New Zealand Superannuation Fund booked an $845.2 million loss – just below 5% of its total value -- in the last month, as global equities took a hit amidst international economic turbulence.
Despite the negative 4.8% return for the month, year-to-date returns – after fees and before taxes were paid -- were 17.6 %.
The fund now has $15.86 billion invested and has produced an annual return of 5.81 % since inception in September 2003.
The New Zealand Superfund was set up to pre-fund the future cost of New Zealand superannuation by investing government contributions and returns on the contributions for the long term.
Automatic contributions to the fund are currently suspended to avoid any further increase in Government debt.
Today’s portfolio update from NZ Super Fund reveals $1,048.7 billion or 6.6% of the fund is invested in New Zealand equity; $5,900 or 37% is invested in international, large capitalised equities; 7.5% is invested in infrastructure and 7.1% in timber.
The fund’s largest stock remained Auckland International Airport 1.6% of the fund’s value followed by Fletcher Building at 1%.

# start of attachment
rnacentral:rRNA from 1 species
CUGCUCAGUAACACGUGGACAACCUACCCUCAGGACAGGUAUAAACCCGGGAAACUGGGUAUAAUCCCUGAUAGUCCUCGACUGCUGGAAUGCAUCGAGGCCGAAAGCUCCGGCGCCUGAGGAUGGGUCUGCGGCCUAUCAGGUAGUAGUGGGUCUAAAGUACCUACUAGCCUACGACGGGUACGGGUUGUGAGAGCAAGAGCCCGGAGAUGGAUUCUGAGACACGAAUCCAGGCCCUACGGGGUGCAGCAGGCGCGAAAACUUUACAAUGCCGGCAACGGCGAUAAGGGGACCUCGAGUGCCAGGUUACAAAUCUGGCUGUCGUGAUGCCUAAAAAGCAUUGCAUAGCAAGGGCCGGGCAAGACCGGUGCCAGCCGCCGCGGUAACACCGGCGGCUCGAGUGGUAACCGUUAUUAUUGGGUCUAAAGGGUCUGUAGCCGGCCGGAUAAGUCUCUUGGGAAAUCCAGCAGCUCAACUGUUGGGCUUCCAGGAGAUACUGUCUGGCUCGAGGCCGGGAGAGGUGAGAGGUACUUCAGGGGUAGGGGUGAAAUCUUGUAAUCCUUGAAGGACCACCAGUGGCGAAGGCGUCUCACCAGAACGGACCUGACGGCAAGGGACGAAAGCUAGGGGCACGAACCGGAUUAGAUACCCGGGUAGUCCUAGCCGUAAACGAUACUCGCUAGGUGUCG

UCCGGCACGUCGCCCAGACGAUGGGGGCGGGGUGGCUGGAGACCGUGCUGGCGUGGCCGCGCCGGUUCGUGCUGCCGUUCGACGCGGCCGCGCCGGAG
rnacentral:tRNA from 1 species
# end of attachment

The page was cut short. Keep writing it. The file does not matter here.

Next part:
The May loss was the first negative monthly return for the fund since January, at negative 1.97%, and compares to a 6.8% fall in the value of the NZX 50 index in May.
He also suggested that New Zealanders were "ready for some level of compulsion" for retirement savings, as long as it was phased in.
NZ Superfund’s result was released as NZX chairman Andrew Harmos told the NZX annual meeting in Wellington that New Zealanders were "ready for some compulsion" in their savings.
The absence of such compulsion was a little difficult to understand, he said.
"I don't need to tell this audience that this is one of the big reasons why there is a wealth and income gap -- and frankly a financial literacy and investment sophistication gap -- between us and Australia," said Mr Harmos.
"In my judgment New Zealanders are ready for some compulsion here, albeit at a more modest level than the Australian (compulsory superannuation) 9 percent and rising. A modest starting level with a steady path of well-signalled increases would be a strong start."
Thu, 17 Jun 2010